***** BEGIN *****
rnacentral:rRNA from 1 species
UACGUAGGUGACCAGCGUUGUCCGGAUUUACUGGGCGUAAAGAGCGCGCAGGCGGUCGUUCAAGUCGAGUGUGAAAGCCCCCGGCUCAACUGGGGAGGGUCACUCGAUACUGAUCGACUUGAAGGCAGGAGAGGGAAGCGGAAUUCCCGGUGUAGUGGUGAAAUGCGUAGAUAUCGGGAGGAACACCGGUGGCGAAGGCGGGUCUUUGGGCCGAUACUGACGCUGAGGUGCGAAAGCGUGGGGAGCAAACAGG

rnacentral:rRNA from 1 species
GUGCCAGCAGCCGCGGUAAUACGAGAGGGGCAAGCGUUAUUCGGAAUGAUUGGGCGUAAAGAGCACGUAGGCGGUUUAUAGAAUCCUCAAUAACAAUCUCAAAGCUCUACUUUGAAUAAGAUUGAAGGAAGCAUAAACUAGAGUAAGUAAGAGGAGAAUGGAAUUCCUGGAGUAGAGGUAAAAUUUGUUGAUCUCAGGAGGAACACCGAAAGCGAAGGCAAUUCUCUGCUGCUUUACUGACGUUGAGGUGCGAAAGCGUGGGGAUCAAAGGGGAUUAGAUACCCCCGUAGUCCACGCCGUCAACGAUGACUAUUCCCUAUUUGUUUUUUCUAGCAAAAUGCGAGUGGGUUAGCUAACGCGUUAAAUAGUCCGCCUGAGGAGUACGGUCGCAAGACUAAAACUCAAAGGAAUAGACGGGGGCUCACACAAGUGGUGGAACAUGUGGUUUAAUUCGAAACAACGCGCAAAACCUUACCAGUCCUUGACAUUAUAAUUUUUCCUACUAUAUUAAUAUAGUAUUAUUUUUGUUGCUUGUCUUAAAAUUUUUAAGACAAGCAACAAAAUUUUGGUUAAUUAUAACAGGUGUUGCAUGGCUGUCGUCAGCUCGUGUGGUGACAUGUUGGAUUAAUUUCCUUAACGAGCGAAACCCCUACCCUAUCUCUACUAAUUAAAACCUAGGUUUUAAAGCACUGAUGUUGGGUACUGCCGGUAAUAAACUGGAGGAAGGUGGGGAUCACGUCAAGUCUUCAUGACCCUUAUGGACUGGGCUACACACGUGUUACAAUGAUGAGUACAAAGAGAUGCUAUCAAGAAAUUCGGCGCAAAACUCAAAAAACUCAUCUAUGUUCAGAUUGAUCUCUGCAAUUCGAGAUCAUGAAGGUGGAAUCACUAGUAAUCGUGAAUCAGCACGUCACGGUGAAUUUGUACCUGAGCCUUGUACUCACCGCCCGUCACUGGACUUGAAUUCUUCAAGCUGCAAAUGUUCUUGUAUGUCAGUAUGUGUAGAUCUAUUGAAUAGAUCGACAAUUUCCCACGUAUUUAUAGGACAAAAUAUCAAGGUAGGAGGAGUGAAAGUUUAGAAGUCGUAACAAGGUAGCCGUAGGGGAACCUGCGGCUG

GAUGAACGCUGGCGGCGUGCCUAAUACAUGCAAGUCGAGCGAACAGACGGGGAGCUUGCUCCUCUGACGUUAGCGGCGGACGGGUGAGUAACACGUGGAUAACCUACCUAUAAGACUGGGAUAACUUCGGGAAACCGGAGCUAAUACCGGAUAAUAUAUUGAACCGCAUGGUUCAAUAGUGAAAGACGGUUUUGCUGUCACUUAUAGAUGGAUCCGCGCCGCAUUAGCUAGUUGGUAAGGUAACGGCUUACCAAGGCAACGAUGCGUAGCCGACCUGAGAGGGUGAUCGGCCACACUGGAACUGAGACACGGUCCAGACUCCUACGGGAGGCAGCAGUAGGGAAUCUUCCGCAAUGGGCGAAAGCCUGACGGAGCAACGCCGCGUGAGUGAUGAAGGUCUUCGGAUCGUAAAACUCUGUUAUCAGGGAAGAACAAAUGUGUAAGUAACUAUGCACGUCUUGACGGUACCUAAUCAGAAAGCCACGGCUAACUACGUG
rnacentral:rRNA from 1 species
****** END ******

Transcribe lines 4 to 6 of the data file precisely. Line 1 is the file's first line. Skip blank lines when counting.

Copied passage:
GUGCCAGCAGCCGCGGUAAUACGAGAGGGGCAAGCGUUAUUCGGAAUGAUUGGGCGUAAAGAGCACGUAGGCGGUUUAUAGAAUCCUCAAUAACAAUCUCAAAGCUCUACUUUGAAUAAGAUUGAAGGAAGCAUAAACUAGAGUAAGUAAGAGGAGAAUGGAAUUCCUGGAGUAGAGGUAAAAUUUGUUGAUCUCAGGAGGAACACCGAAAGCGAAGGCAAUUCUCUGCUGCUUUACUGACGUUGAGGUGCGAAAGCGUGGGGAUCAAAGGGGAUUAGAUACCCCCGUAGUCCACGCCGUCAACGAUGACUAUUCCCUAUUUGUUUUUUCUAGCAAAAUGCGAGUGGGUUAGCUAACGCGUUAAAUAGUCCGCCUGAGGAGUACGGUCGCAAGACUAAAACUCAAAGGAAUAGACGGGGGCUCACACAAGUGGUGGAACAUGUGGUUUAAUUCGAAACAACGCGCAAAACCUUACCAGUCCUUGACAUUAUAAUUUUUCCUACUAUAUUAAUAUAGUAUUAUUUUUGUUGCUUGUCUUAAAAUUUUUAAGACAAGCAACAAAAUUUUGGUUAAUUAUAACAGGUGUUGCAUGGCUGUCGUCAGCUCGUGUGGUGACAUGUUGGAUUAAUUUCCUUAACGAGCGAAACCCCUACCCUAUCUCUACUAAUUAAAACCUAGGUUUUAAAGCACUGAUGUUGGGUACUGCCGGUAAUAAACUGGAGGAAGGUGGGGAUCACGUCAAGUCUUCAUGACCCUUAUGGACUGGGCUACACACGUGUUACAAUGAUGAGUACAAAGAGAUGCUAUCAAGAAAUUCGGCGCAAAACUCAAAAAACUCAUCUAUGUUCAGAUUGAUCUCUGCAAUUCGAGAUCAUGAAGGUGGAAUCACUAGUAAUCGUGAAUCAGCACGUCACGGUGAAUUUGUACCUGAGCCUUGUACUCACCGCCCGUCACUGGACUUGAAUUCUUCAAGCUGCAAAUGUUCUUGUAUGUCAGUAUGUGUAGAUCUAUUGAAUAGAUCGACAAUUUCCCACGUAUUUAUAGGACAAAAUAUCAAGGUAGGAGGAGUGAAAGUUUAGAAGUCGUAACAAGGUAGCCGUAGGGGAACCUGCGGCUG

GAUGAACGCUGGCGGCGUGCCUAAUACAUGCAAGUCGAGCGAACAGACGGGGAGCUUGCUCCUCUGACGUUAGCGGCGGACGGGUGAGUAACACGUGGAUAACCUACCUAUAAGACUGGGAUAACUUCGGGAAACCGGAGCUAAUACCGGAUAAUAUAUUGAACCGCAUGGUUCAAUAGUGAAAGACGGUUUUGCUGUCACUUAUAGAUGGAUCCGCGCCGCAUUAGCUAGUUGGUAAGGUAACGGCUUACCAAGGCAACGAUGCGUAGCCGACCUGAGAGGGUGAUCGGCCACACUGGAACUGAGACACGGUCCAGACUCCUACGGGAGGCAGCAGUAGGGAAUCUUCCGCAAUGGGCGAAAGCCUGACGGAGCAACGCCGCGUGAGUGAUGAAGGUCUUCGGAUCGUAAAACUCUGUUAUCAGGGAAGAACAAAUGUGUAAGUAACUAUGCACGUCUUGACGGUACCUAAUCAGAAAGCCACGGCUAACUACGUG
rnacentral:rRNA from 1 species